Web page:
Can’t get enough carnal sins? You’re preaching to the choir, says Pope Francis. In an interview with Italian writer Carlo Petrini, who has compiled several conversations with the pope for a new book, his Holiness referred to sex and food, among other delights, as gifts from God. Furthermore, to enjoy them is not sinful, as …
Can’t get enough carnal sins? You’re preaching to the choir, says Pope Francis.
In an interview with Italian writer Carlo Petrini, who has compiled several conversations with the pope for a new book, his Holiness referred to sex and food, among other delights, as gifts from God. Furthermore, to enjoy them is not sinful, as “overzealous” church leaders have taught in the past.
“Pleasure arrives directly from God. It is neither Catholic nor Christian nor anything else; it is simply divine,” he tells Petrini in the book “TerraFutura: Conversations With Pope Francis on Integral Ecology,” an English working title, out now in Italy. “The pleasure of eating and sexual pleasure come from God.”
Francis continued, referring to the church’s past condemnation for life’s gustatory and sexual pleasures as “overzealous morality … A wrong interpretation of the Christian message.”
“The pleasure of eating is there to keep you healthy by eating, just like sexual pleasure is there to make love more beautiful and guarantee the perpetuation of the species,” said the Pontifex Maximus.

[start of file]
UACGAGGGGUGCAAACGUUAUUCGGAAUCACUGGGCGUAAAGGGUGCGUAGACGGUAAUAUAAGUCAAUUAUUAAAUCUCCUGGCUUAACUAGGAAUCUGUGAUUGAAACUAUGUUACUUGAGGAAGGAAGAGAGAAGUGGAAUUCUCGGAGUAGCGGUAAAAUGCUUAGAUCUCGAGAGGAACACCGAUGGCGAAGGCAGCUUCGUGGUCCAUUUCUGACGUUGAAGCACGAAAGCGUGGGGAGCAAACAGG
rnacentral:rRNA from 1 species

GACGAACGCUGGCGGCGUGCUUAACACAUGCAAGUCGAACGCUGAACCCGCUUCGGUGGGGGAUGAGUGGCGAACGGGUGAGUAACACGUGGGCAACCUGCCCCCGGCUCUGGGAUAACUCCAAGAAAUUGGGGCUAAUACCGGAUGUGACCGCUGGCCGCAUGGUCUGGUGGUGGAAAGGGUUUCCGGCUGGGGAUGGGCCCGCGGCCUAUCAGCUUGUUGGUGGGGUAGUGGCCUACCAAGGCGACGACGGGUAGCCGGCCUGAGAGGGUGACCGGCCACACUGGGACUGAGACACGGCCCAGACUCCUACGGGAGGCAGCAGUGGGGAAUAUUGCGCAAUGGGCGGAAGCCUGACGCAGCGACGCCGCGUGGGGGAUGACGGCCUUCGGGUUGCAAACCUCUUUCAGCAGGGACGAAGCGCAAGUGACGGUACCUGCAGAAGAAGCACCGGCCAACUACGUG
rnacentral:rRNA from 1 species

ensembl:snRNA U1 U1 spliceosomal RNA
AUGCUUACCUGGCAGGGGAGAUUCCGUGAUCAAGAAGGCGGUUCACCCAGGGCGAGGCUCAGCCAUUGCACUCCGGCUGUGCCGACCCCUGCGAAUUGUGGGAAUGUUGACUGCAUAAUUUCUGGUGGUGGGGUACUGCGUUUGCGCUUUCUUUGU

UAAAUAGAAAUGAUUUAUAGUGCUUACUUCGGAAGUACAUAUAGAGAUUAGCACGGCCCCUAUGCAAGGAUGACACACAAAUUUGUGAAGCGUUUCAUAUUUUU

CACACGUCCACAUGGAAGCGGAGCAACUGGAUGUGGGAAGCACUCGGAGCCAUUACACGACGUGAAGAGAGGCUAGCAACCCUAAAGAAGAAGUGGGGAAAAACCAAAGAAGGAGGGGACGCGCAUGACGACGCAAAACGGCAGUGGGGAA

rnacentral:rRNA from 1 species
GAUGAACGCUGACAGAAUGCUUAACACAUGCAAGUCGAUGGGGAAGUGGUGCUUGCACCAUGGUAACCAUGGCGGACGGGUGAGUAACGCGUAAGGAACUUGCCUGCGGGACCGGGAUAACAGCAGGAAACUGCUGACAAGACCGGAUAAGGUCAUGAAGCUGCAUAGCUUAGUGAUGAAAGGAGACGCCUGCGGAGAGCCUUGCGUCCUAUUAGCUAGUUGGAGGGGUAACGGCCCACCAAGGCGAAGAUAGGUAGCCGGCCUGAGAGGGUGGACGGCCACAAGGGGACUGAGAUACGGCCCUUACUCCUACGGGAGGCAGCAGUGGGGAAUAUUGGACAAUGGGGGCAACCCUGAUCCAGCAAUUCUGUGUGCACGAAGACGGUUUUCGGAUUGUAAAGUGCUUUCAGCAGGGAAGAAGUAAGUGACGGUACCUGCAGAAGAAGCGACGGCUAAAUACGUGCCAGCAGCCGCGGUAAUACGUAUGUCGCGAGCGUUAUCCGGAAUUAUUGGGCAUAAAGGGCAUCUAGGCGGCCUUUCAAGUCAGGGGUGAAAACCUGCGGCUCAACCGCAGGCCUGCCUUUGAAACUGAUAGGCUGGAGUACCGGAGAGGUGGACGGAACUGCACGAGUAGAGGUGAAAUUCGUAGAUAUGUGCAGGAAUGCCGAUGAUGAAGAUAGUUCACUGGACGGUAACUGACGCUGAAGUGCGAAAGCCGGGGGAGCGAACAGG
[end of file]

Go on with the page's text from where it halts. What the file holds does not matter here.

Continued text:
Views that banish such basic aspects of life “have caused enormous harm, which can still be felt strongly today,” the 83-year-old claimed.
“I don’t think it’s unusual for a pope to say what he specifically said, though,” said writer and Catholic critic Peter Williams. “In calling the enjoyment of food and sex ‘divine’, the Holy Father is rightly pointing out that pleasure comes from God.” Williams told Newsweek that the Bishop of Rome was describing “the church’s acceptance of ‘human, simple, moral pleasure,’ like good cuisine and fulsome sexual love in marriage.”
Indeed, Pope Francis has said there are much bigger issues to pray over, namely climate change, deforestation and unsustainable consumption.
The book’s author is touted as a founder of the “slow food” movement, beginning in the 1980s as an effort to protect regional culinary traditions and to advocate against fast food and rampant consumption. The book, according to Petrini, is an answer to the pope’s recent call-t0-action to defeat climate change and and environmental injustice.
Last week, the spiritual leader urged audiences at the Vatican and the world to heed the 2015 Paris climate accord — a cornerstone issue of the 2020 US presidential election next month.
“Our constant demand for growth and an endless cycle of production and consumption are exhausting the natural world,” Francis said on Sept. 1. “Forests are leached, topsoil erodes, fields fail, deserts advance, seas acidify and storms intensify. Creation is groaning!”